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Who would’ve thought of ‘acceptance’ as the laxative that makes the process easier to digest? One of our feathers, obviously. It turns out that simply accepting and surrendering to your fate makes the thought of burning the midnight oil more endurable. Of course, you’d be naïve to stop there, because the work isn’t going to finish itself. Breaking down a major goal into smaller bite-sized goals and constantly monitoring yourself against a set time helps a few of our team members. Research has it that if you don’t feel like doing something, give it a try and do it for 5 minutes. After spending 5 minutes on it, there’s a good chance that you automatically feel like completing it. And of course, there’s the voluntary alcohol for those who’re in need of a ‘badass’ stimulus or an emotional anesthetic. We understand your need to drown your miseries, we’re not monsters.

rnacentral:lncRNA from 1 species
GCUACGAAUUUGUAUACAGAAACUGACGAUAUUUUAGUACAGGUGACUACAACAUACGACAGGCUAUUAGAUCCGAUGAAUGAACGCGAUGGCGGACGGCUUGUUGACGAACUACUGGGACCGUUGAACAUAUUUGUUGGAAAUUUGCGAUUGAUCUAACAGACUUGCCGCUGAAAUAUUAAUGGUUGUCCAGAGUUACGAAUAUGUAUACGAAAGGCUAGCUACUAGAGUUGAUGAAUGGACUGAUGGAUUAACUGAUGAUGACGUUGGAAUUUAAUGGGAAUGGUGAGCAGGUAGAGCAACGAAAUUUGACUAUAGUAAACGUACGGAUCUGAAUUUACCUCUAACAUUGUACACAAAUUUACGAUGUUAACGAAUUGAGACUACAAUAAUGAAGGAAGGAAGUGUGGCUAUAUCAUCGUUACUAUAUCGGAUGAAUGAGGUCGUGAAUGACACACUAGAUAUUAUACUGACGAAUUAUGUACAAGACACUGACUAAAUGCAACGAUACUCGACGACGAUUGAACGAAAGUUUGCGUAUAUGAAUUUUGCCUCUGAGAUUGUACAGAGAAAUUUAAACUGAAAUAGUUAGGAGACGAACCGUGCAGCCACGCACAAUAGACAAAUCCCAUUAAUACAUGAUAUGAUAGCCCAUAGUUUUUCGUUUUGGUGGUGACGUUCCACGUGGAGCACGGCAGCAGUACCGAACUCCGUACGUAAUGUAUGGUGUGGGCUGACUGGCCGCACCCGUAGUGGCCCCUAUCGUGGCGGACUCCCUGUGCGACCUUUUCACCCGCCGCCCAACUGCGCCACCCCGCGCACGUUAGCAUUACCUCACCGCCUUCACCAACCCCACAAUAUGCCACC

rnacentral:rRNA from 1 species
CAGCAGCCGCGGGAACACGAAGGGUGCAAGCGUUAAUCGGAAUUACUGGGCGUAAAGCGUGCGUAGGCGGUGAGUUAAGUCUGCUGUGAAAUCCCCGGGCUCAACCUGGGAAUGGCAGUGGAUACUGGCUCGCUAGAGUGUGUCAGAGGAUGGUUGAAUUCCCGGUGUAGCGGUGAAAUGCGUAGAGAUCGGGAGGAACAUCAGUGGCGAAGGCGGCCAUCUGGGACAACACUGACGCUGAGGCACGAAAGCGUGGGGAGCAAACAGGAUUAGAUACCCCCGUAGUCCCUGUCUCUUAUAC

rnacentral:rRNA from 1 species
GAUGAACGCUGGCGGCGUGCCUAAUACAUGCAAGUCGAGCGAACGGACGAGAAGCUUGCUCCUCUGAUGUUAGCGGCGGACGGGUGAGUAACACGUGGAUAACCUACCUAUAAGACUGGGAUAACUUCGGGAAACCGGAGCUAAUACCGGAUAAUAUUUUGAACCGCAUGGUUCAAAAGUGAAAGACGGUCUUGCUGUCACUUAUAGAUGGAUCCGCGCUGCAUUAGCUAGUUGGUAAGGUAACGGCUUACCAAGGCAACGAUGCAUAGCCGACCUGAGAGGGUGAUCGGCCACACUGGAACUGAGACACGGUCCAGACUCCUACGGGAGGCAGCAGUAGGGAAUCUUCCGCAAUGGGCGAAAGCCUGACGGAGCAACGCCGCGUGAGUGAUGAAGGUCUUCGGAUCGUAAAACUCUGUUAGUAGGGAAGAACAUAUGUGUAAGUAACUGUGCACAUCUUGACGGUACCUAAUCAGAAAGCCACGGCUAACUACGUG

2. Team-work averages out extreme emotions

It was the night before a mid-term presentation deadline, and we had to finalise our outputs and send them to the printer. We were with 7. Some of us had to fly early the next morning, but since I wasn’t going for the presentation, I could burn all my energy and put it into finishing the outputs. I kind of enjoy such moments. The time pressure of a deadline gives me some sort of adrenaline which allows me to work with focus & speed.
— Sofia van Oord, Rotterdam